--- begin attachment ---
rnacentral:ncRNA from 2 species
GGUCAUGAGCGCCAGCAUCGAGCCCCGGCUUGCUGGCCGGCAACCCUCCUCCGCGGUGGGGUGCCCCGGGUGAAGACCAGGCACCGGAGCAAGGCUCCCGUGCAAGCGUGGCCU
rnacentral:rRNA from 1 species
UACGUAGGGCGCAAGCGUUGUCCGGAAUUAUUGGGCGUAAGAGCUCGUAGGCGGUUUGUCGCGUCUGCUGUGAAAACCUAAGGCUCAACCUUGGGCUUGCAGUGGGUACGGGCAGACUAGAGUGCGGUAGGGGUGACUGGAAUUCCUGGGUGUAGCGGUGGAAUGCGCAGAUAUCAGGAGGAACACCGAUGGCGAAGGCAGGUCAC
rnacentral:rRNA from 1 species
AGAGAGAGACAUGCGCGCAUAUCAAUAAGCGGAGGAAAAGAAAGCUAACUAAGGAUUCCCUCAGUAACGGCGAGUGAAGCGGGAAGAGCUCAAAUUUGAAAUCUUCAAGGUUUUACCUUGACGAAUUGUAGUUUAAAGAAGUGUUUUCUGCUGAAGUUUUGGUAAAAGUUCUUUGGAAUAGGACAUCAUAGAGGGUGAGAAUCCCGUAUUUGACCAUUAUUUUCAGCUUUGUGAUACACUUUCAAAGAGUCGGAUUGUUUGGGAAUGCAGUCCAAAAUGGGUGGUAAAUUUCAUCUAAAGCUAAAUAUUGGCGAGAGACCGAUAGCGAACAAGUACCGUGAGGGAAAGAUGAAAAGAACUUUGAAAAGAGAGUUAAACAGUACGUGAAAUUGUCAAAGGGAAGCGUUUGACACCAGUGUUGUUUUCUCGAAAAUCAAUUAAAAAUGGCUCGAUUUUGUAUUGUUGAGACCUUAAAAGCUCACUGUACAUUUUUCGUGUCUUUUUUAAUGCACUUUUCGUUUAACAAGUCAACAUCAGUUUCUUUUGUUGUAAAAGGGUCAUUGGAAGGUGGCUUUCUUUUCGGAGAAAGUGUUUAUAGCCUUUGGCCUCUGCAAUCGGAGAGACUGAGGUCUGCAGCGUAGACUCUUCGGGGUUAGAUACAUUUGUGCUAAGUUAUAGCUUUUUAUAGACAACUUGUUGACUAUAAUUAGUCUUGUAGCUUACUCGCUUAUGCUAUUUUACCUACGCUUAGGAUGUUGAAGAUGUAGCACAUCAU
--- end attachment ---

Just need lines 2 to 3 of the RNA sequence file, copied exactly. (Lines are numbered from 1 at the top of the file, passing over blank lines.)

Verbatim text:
GGUCAUGAGCGCCAGCAUCGAGCCCCGGCUUGCUGGCCGGCAACCCUCCUCCGCGGUGGGGUGCCCCGGGUGAAGACCAGGCACCGGAGCAAGGCUCCCGUGCAAGCGUGGCCU
rnacentral:rRNA from 1 species